Need to Know: April 19, 2021

Fresh useful insights for people advancing quality, innovative and sustainable journalism


 You might have heard: Most reporter questions to the White House are about health and immigration (CNN)

 But did you know: The White House tries a time-tested media strategy — courting local reporters (The Washington Post)

The Biden administration is giving regional reporters a virtual seat in the White House briefing room as part of a communication strategy that factors in local news outlets, allowing them to ask questions on topics that affect their communities. The White House has begun holding monthly press briefings for regional outlets, with plans to bring in publications serving people of color, the LGBTQ community and women. Since Ronald Reagan’s presidency in the 1980s, White House communication teams have sought out local outlets as a way to spread their messaging in local communities.

+ Noted: Swiss billionaire Hansjörg Wyss ended his bid for Tribune Publishing, leaving Maryland hotel magnate Stewart Bainum Jr. to seek new financing to block sale to Alden (The New York Times); On Friday in Minnesota, police rounded up journalists who were covering a protest, forced them on the ground and photographed their press credentials and faces (USA Today)


Keeping opinion local: The benefits of cutting national politics from opinion sections

After a local newspaper dropped national politics from its opinion section, researchers found that polarization in the community spread more slowly. The newspaper also experienced a surge in letters to the editor from local contributors on local topics, including transportation, arts and culture, and online readership of the opinion section doubled. We spoke with one of the researchers, who is also co-author of the book “Home Style Opinion: How Local News Can Slow Polarization,” about the implications of the study and considerations for other news outlets that are considering abandoning national opinion content.


Block Club Chicago offered a version of a breaking news story without a graphic video (Nieman Lab)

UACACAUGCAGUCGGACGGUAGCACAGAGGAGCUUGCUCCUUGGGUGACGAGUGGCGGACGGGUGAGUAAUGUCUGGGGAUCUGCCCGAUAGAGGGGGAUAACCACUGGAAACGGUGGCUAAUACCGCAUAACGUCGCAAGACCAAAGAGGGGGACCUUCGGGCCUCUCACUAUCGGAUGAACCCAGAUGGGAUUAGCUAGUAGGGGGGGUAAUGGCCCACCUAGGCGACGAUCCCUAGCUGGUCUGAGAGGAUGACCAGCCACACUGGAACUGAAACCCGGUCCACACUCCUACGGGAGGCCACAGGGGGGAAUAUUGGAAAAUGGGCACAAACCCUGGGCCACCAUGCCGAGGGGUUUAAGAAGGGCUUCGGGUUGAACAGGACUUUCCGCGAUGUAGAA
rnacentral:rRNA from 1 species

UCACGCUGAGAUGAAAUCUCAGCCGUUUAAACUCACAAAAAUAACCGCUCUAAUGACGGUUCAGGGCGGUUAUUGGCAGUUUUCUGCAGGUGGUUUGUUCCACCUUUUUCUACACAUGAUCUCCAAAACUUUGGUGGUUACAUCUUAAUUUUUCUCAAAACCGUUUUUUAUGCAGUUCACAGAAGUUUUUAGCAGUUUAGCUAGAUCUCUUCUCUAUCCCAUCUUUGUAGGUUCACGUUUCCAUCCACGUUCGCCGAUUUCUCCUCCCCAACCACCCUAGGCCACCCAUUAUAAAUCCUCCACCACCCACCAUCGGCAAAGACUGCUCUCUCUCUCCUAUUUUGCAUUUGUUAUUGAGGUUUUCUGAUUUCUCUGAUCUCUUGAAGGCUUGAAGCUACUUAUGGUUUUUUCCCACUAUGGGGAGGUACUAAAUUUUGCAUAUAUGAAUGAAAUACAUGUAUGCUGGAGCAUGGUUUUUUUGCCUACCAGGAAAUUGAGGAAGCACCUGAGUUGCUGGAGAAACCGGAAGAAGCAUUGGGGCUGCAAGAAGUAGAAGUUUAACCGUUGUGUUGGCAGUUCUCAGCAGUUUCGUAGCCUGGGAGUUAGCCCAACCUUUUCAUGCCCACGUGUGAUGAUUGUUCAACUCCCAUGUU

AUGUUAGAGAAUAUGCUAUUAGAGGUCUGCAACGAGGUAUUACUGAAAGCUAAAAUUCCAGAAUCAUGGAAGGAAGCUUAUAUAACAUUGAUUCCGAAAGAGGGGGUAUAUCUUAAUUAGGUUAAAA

After Chicago police released body cam footage of an officer fatally shooting 13-year-old Adam Toledo, Block Club Chicago opted to give their readers a choice as to whether or not to watch the violent video. The nonprofit created two versions of an article about the footage. One describes the video without embedding it, and both have headlines clearly noting that the footage will or will not be included. “It is deeply traumatic to watch these things, and after a really, really hard year, I think people need an option to not see that,” said Jen Sabella, Block Club Chicago co-founder and director of strategy.


Trolley Times newsletter gives voice to protesting farmers in India (International Journalists’ Network)

Since November, thousands of farmers in India have protested new laws they say will allow companies to drive down prices for agricultural products. Trolley Times, which is run by 10 volunteers, emerged to provide protest news and counter a narrative in mainstream news that the farmers are anti-India. The newsletter has print editions in Punjabi, Hindi and some in English, and it includes articles written by the protesters. Throughout history, activists have created newspapers to share information unlikely to appear in traditional news sources, and during the past decade, papers similar to the Trolley Times were launched in Iraq and Syria.


Is parenting during the workday here to stay? (The Boston Globe)

The pandemic upended our traditional work structure, forcing employees to combine at-home office hours with parenting. In a survey from November, only 17% of respondents said they received resources to help with child care or remote school, while more than half said they had flexible working hours. As some workplaces have created better policies for parents, Linda Rodriguez McRobbie asks “how meaningful such improvements can be without broader structural supports such as government-funded parental leave and child care — and whether women will continue to shoulder more parenting expectations than men.”

+ Related: Some female media leaders are building work cultures that allow parents shorter work weeks and take other steps to support working mothers (Digiday)


How newsrooms could help women deal with burnout (@mitrakalita, Twitter)

Citing burnout, two of The Texas Tribune’s top newsroom leaders announced last month they were stepping down from their roles. Last week, Wired editor Megan Greenwell said on Twitter that she also feels “totally drained, and I’ve realized I cannot do my best work without a break.” Journalist S. Mitra Kalita suggested news organizations should find ways to retain women, whether through offering sabbaticals, fellowships, coaching or opportunities to work on special projects.


 With eye-popping auctions, news outlets are jumping on the NFT gravy train (Vanity Fair)

The Associated Press was the first news organization to delve into auctions for non-fungible tokens, or NFTs, earning about $180,000 in cryptocurrency from a sale in March. Now the AP plans to auction NFT-backed digital art files from the outlet’s vast photography archive, and The New York Times, Time, Quartz and The Atlantic also have gotten into NFTs. While the payoff for some has been significant (Time earned $1.5 million in NFT sales), The Atlantic failed to sell NFTs that didn’t reach minimum bids during auction, and some observers suspect this development is a bubble at risk of bursting, not a trend.

+ Earlier: NFTs are like “one-of-a-kind trading cards” for blockchain currency (The Verge)